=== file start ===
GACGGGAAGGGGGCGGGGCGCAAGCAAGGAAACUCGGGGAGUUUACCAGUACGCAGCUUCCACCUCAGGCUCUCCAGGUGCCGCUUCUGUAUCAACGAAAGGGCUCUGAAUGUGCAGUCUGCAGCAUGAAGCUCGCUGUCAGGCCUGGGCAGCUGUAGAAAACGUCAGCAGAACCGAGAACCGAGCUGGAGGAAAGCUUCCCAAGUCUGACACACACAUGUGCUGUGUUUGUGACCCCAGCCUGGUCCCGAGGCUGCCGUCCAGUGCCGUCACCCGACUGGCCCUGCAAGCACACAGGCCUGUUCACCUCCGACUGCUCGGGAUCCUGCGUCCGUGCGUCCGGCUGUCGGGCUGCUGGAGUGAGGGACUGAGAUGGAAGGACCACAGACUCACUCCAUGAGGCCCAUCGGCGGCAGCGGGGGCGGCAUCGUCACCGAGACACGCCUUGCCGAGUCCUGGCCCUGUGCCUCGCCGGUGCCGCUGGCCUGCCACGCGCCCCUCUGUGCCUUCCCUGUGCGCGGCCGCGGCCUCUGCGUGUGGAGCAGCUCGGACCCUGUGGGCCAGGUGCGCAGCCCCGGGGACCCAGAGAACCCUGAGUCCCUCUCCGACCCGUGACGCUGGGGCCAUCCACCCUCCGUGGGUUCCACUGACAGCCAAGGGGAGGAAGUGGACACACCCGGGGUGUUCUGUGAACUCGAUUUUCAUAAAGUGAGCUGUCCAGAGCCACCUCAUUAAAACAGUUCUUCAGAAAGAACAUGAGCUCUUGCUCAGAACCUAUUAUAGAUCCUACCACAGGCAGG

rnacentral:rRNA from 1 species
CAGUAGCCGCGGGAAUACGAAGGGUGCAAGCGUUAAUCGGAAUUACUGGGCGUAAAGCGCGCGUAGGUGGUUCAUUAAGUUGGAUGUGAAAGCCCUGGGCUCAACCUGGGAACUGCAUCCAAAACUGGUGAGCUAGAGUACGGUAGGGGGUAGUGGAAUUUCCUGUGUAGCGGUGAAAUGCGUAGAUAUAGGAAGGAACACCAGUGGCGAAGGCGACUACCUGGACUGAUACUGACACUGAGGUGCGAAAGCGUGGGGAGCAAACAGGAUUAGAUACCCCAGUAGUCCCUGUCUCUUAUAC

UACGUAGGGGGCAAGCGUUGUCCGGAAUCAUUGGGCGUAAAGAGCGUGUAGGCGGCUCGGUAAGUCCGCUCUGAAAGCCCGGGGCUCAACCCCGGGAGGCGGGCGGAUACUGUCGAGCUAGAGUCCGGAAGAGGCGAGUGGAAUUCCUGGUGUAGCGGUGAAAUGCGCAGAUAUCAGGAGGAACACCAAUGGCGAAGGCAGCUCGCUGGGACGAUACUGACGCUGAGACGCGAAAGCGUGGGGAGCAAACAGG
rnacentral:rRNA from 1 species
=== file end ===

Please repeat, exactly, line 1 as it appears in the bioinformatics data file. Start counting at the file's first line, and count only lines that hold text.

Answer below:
GACGGGAAGGGGGCGGGGCGCAAGCAAGGAAACUCGGGGAGUUUACCAGUACGCAGCUUCCACCUCAGGCUCUCCAGGUGCCGCUUCUGUAUCAACGAAAGGGCUCUGAAUGUGCAGUCUGCAGCAUGAAGCUCGCUGUCAGGCCUGGGCAGCUGUAGAAAACGUCAGCAGAACCGAGAACCGAGCUGGAGGAAAGCUUCCCAAGUCUGACACACACAUGUGCUGUGUUUGUGACCCCAGCCUGGUCCCGAGGCUGCCGUCCAGUGCCGUCACCCGACUGGCCCUGCAAGCACACAGGCCUGUUCACCUCCGACUGCUCGGGAUCCUGCGUCCGUGCGUCCGGCUGUCGGGCUGCUGGAGUGAGGGACUGAGAUGGAAGGACCACAGACUCACUCCAUGAGGCCCAUCGGCGGCAGCGGGGGCGGCAUCGUCACCGAGACACGCCUUGCCGAGUCCUGGCCCUGUGCCUCGCCGGUGCCGCUGGCCUGCCACGCGCCCCUCUGUGCCUUCCCUGUGCGCGGCCGCGGCCUCUGCGUGUGGAGCAGCUCGGACCCUGUGGGCCAGGUGCGCAGCCCCGGGGACCCAGAGAACCCUGAGUCCCUCUCCGACCCGUGACGCUGGGGCCAUCCACCCUCCGUGGGUUCCACUGACAGCCAAGGGGAGGAAGUGGACACACCCGGGGUGUUCUGUGAACUCGAUUUUCAUAAAGUGAGCUGUCCAGAGCCACCUCAUUAAAACAGUUCUUCAGAAAGAACAUGAGCUCUUGCUCAGAACCUAUUAUAGAUCCUACCACAGGCAGG